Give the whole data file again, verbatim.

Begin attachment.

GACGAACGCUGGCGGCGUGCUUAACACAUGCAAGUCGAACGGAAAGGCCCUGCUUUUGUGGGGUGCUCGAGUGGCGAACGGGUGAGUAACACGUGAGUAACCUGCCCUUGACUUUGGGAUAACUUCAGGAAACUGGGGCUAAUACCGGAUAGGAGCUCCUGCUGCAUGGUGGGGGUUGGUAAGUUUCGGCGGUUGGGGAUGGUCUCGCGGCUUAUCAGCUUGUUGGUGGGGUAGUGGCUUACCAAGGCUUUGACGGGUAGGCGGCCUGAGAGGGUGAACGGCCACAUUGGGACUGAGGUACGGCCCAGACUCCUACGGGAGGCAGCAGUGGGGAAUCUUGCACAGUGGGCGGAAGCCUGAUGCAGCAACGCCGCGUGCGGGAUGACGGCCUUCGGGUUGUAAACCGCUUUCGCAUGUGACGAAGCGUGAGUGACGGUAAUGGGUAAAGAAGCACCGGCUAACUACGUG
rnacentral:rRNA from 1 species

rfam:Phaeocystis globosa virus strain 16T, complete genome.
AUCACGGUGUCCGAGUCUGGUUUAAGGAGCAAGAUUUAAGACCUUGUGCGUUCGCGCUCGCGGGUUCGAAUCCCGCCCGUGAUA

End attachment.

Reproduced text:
GACGAACGCUGGCGGCGUGCUUAACACAUGCAAGUCGAACGGAAAGGCCCUGCUUUUGUGGGGUGCUCGAGUGGCGAACGGGUGAGUAACACGUGAGUAACCUGCCCUUGACUUUGGGAUAACUUCAGGAAACUGGGGCUAAUACCGGAUAGGAGCUCCUGCUGCAUGGUGGGGGUUGGUAAGUUUCGGCGGUUGGGGAUGGUCUCGCGGCUUAUCAGCUUGUUGGUGGGGUAGUGGCUUACCAAGGCUUUGACGGGUAGGCGGCCUGAGAGGGUGAACGGCCACAUUGGGACUGAGGUACGGCCCAGACUCCUACGGGAGGCAGCAGUGGGGAAUCUUGCACAGUGGGCGGAAGCCUGAUGCAGCAACGCCGCGUGCGGGAUGACGGCCUUCGGGUUGUAAACCGCUUUCGCAUGUGACGAAGCGUGAGUGACGGUAAUGGGUAAAGAAGCACCGGCUAACUACGUG
rnacentral:rRNA from 1 species

rfam:Phaeocystis globosa virus strain 16T, complete genome.
AUCACGGUGUCCGAGUCUGGUUUAAGGAGCAAGAUUUAAGACCUUGUGCGUUCGCGCUCGCGGGUUCGAAUCCCGCCCGUGAUA